POLITICS

Chicago Lawmakers Approve Tough Gun Shop Restrictions

TINLEY PARK, IL - JUNE 16:  A customer shops for a handgun at Freddie Bear Sports on June 16, 2014 in Tinley Park, Illinois.
TINLEY PARK, IL - JUNE 16: A customer shops for a handgun at Freddie Bear Sports on June 16, 2014 in Tinley Park, Illinois. In a 5-4 decision the Supreme Court ruled that it is a crime for one person to buy a gun for another while lying to the dealer about who the gun is for. The law had been challenged by retired police officer Bruce Abramski who was charged with making a 'straw purchase' after buying a gun for his uncle, a lawful gun owner, in order to get a police discount at the dealer. When asked on the paperwork if the gun was for him he checked yes. (Photo by Scott Olson/Getty Images)

By Mary Wisniewski

CHICAGO, June 25 (Reuters) - The Chicago City Council on Wednesday unanimously approved a law that would allow the resumption of gun sales in the city but with restrictions that require videotaping of purchases and limiting sales to one per month per buyer.

Forty-eight council members voted to approve the ordinance proposed by Mayor Rahm Emanuel after a federal court invalidated the city's long-time ban on gun sales in January.

The law also requires a 72-hour waiting period to purchase handguns in the nation's third largest city and a 24-hour waiting period to purchase rifles and shotguns.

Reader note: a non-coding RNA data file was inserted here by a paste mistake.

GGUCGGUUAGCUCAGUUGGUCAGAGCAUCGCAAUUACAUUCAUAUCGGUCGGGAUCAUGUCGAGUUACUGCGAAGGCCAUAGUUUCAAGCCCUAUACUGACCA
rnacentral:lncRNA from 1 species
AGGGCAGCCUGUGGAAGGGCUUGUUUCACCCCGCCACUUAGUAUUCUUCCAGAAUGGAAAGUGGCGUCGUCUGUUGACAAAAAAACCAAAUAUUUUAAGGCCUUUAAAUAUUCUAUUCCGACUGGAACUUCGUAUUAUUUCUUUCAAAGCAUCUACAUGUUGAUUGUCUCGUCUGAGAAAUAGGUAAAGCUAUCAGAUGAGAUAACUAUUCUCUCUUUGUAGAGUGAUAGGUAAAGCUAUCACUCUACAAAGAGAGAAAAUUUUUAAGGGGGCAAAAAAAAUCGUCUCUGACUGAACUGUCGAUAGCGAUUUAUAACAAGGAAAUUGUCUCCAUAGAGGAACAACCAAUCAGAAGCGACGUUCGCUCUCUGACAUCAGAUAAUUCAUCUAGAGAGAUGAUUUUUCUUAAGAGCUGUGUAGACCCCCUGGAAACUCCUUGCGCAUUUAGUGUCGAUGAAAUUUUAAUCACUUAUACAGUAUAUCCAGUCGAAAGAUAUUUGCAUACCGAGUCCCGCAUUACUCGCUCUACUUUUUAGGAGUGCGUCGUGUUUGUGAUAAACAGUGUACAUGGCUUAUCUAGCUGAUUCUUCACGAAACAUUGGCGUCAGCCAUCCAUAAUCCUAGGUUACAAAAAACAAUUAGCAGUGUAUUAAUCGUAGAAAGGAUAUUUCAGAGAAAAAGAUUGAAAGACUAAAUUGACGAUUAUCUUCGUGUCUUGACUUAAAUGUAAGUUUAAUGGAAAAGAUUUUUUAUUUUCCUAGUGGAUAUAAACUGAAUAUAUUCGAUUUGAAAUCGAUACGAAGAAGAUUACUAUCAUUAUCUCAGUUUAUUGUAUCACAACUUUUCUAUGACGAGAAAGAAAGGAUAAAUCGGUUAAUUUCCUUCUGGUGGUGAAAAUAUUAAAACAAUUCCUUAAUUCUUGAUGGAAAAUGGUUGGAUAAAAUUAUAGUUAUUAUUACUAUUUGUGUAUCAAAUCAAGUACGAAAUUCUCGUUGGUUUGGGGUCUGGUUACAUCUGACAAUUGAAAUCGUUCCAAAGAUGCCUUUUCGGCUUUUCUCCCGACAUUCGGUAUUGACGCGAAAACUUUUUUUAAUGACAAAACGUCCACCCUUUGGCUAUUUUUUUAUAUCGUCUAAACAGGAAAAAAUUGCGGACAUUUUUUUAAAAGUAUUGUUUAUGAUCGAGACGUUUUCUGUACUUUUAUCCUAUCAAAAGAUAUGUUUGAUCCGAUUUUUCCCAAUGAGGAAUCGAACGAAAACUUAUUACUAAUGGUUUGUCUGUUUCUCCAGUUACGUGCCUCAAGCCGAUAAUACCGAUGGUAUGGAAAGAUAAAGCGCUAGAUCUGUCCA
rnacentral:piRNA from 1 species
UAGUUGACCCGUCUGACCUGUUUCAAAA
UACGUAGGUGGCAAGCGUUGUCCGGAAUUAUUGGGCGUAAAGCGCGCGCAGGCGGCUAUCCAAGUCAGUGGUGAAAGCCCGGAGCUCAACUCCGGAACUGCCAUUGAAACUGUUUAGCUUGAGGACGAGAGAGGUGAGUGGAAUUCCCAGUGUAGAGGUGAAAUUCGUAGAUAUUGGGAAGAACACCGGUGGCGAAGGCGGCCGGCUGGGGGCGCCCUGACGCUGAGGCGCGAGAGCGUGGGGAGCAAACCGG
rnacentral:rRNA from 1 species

Chicago has been plagued by a gun-related homicide rate that is three times higher than New York's and twice that of Los Angeles.

The court order had given the city six months to come up with its own gun store policies.

Under the new ordinance, gun store employees have to undergo background checks and sellers need to prepare quarterly inventory audits and make store records available for police inspection. Gun sales are prohibited within 500 feet of schools.

Emanuel called the ordinance "tough, smart and enforceable."

Emanuel has stressed the need to strictly control gun sales within the bounds of the court order.

"The level of violence is unacceptable in this city," Alderman Bob Fioretti said in support of the ordinance.

The Illinois State Rifle Association, a gun rights group, has said the restrictions will make it too difficult for anyone to open a Chicago gun store. (Reporting by Mary Wisniewski; Editing by Jim Loney and Bill Trott)

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